How to use switch statement with class

The switch statement controls the execution flow using comparison of constant values. This implies that in each case, the possible values are of primitive or Enum types. What can we do if we want to use a custom class as the switch expression? Clearly this is impossible by default, since custom classes are not primitives or Enums. The solution is to use the implicit cast.

Implicit cast

Implicit cast can is implemented using the implicit cast operator. Implicit cast enables, for example, assignment of instance from one type into a variable of other type.

Example of implicitly castable class:

public class Person
{
public string ID { get; set; }

static public implicit operator int (Person person)
{
return int.Parse(person.ID.Substring(0, 1));
}
}

This casting allows this simple assignment:

var person = new Person() {ID = "0-12345678-9"};
int quality = person;

Switch on class

In order to use a class instance as the switch expression we must choose a governing type for the cases (primitive or Enum) and make the original class castable to that type. For example, if we choose a class of type Person and governing type int then we must have an implicit cast from Person to int.

For example, using the class Person:

var person = new Person() {ID = "0-12345678-9"};

switch (person)
{
case 0:
Console.WriteLine("This is a top level person");
break;
case 9:
Console.WriteLine("This is a bottom level person (probably a developer)");
break;
default:
Console.WriteLine("Just a regular person");
break;
}
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Implementing switch fall through in C#

In this post I’ll introduce a less known feature of the C# language – the goto expression.

In general, we know that it is not a great idea to use goto statements in code since it raises significantly the chance of ending up with spaghetti code. Reading and understanding of spaghetti code is way more difficult and therefore its maintenance is expensive.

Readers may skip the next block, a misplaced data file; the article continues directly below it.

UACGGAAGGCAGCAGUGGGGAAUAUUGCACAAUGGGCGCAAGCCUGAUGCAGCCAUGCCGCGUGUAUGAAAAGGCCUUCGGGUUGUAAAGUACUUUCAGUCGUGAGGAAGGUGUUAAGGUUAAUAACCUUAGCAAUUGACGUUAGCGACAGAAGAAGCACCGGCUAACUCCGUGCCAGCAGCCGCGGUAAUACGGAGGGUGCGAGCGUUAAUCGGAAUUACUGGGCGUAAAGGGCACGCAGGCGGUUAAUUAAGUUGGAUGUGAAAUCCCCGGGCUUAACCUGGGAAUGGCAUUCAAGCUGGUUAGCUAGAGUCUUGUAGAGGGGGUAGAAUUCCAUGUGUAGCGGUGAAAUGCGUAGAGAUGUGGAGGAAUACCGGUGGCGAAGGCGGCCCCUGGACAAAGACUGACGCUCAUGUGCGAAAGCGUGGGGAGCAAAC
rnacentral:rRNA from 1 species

The case we are going to deal with is goto inside single switch statement. It results that all the labels are local – this case is usually much easier to track than distanced labels. The goto statements enable us to implement the fall through capability which is not supported out of the box in C#.

Switch fall through

In C# implicit fall through between cases in C# is not allowed. The reason for disallowing it is simple – implicit fall through is likely to cause bugs since forgetting to place a break is very common mistake. C# switch statements require each case to end with an explicit end point or a sure “never ending” code. End points are explicit expressions that transfers the execution out of the case block, these can be break, goto, throw and return. A never ending code is code that we know for sure during compilation it is never going to exit the block, such as a while loop whose condition is true.

According to these requirements it is clear that implicit fall through is not supported since we provide explicit instruction about how each case ends.

goto statements

goto in C# is simple and consistent with most languages like C and C++. It is based on labels, which are defined in the code by ‘label-name:’ followed by a C# statement. In order to jump to a label we use the goto statement with the label – ‘goto label-name;’’.

This is a simple implementation of a loop with based on goto.

public void GotoBasedLoop()
{
int times = 3;
int i = 0;
start:
if (i >= times)
{
goto end;
}

Console.WriteLine(i);
i++;
goto start;

end:
return;
}

goto statements in switch

As we’ve seen – each case must have an end point or a promise it never ends. It leads that using naïve usage of gotos we can implement the fall through – we place a label at the beginning of every case and use a goto at the end of every case we want to redirect.

Luckily, for this case C# provides a labels like behavior that simplifies the usage. Each case can be redirected to other case using a simple syntax – goto case ‘constant’ or goto default. Using this syntax we can avoid a duplicate label for fall through.

This usage can be exampled by a simple code that “counts” asterisks:

static int GetLength(string s)
{
int x = 0;

switch (s)
{
case "*":
x++;
break;
case "**":
x++;
goto case "*";
case "***":
x++;
goto case "**";
}

return x;
}

As can be seen, each case is redirected to a different case using the built in mechanism.

Summary

Fall through is probably not the most common feature that developers look for. Since implicit fall through is more likely to cause bugs than simplify coding the C# designers decided to leave it out of the language. For those cases where we want to keep things simple – avoid extracting code to a method just for reuse or instead to create code duplication – we can use the simple solution of redirecting cases using goto.